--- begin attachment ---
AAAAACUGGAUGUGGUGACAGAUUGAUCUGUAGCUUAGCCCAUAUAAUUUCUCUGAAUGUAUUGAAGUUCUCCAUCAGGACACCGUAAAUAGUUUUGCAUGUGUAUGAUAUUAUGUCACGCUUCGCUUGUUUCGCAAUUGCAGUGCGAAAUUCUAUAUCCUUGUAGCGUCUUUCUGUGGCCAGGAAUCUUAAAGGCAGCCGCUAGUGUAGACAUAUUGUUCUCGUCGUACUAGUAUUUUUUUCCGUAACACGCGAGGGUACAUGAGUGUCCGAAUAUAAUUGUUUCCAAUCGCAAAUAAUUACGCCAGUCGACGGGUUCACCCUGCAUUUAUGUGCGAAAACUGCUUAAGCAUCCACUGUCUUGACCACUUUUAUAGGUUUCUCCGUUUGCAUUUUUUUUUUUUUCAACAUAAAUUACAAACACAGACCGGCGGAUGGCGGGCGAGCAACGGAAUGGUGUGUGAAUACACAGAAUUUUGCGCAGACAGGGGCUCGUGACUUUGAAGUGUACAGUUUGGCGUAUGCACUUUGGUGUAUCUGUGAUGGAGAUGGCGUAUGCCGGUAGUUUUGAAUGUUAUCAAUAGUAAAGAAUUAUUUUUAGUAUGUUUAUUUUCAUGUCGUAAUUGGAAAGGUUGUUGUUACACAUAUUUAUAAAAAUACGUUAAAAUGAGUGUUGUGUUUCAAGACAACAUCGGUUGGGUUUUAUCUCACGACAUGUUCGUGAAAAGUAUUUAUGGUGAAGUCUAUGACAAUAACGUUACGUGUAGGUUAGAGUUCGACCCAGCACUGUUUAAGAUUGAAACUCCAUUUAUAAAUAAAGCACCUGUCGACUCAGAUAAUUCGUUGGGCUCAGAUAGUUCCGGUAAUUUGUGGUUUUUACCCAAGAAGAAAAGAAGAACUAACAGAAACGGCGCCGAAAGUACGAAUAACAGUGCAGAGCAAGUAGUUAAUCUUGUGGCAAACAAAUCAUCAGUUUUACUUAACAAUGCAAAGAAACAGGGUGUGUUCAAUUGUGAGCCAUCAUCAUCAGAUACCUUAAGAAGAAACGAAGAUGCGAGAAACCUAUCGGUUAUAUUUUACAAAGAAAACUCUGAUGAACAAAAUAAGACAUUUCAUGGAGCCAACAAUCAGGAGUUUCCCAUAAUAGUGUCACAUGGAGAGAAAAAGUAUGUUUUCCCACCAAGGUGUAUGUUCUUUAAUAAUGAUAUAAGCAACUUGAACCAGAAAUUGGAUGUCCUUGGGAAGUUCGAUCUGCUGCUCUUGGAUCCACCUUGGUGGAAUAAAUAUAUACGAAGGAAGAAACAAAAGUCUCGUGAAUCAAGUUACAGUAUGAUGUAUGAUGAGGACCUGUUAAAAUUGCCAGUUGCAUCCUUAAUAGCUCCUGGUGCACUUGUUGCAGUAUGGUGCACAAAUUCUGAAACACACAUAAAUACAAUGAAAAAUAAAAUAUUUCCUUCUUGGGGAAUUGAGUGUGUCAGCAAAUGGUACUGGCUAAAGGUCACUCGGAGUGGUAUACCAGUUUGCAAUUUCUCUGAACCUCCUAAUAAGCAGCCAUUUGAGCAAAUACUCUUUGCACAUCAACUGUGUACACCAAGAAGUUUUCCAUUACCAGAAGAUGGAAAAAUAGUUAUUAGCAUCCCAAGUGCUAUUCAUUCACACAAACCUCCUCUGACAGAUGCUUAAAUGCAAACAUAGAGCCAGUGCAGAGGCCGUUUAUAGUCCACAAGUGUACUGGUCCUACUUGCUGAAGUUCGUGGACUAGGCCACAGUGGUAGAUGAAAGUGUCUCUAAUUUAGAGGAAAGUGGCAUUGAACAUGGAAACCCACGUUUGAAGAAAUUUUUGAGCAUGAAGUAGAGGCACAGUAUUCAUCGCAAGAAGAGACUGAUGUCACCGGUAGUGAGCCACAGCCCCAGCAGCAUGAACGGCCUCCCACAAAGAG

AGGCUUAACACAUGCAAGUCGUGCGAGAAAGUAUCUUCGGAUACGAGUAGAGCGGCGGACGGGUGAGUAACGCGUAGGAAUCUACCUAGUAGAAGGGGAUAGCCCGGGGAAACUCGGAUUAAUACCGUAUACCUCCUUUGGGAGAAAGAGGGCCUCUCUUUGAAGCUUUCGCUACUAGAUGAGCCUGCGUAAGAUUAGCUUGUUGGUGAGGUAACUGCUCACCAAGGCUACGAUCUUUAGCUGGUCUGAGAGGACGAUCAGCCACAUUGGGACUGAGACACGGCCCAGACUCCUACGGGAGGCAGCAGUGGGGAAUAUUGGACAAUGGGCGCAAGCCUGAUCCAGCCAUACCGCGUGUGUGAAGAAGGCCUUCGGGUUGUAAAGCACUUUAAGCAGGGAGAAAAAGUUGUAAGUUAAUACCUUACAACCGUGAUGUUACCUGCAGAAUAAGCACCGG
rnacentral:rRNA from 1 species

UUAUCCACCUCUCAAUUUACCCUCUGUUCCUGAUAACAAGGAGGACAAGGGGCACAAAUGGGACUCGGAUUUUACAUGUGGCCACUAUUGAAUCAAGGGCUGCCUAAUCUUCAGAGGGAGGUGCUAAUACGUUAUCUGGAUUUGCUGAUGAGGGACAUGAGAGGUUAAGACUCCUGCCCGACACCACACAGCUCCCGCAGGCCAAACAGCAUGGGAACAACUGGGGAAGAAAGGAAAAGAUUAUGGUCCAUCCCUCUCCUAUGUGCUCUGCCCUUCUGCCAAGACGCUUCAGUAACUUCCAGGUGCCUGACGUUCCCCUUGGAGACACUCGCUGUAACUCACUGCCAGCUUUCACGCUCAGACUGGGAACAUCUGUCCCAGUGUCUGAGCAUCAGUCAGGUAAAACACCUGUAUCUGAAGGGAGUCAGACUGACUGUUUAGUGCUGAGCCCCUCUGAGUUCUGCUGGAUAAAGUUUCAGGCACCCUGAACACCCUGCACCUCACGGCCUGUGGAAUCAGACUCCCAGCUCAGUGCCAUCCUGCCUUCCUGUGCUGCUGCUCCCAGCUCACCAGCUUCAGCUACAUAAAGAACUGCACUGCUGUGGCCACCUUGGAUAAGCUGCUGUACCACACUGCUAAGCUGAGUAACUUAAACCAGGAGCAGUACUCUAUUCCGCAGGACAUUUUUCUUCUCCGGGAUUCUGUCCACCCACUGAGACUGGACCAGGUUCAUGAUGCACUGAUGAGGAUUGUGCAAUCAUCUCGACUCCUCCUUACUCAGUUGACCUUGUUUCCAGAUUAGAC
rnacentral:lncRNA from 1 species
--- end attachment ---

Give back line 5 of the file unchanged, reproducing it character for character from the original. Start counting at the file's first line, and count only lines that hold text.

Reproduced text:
rnacentral:lncRNA from 1 species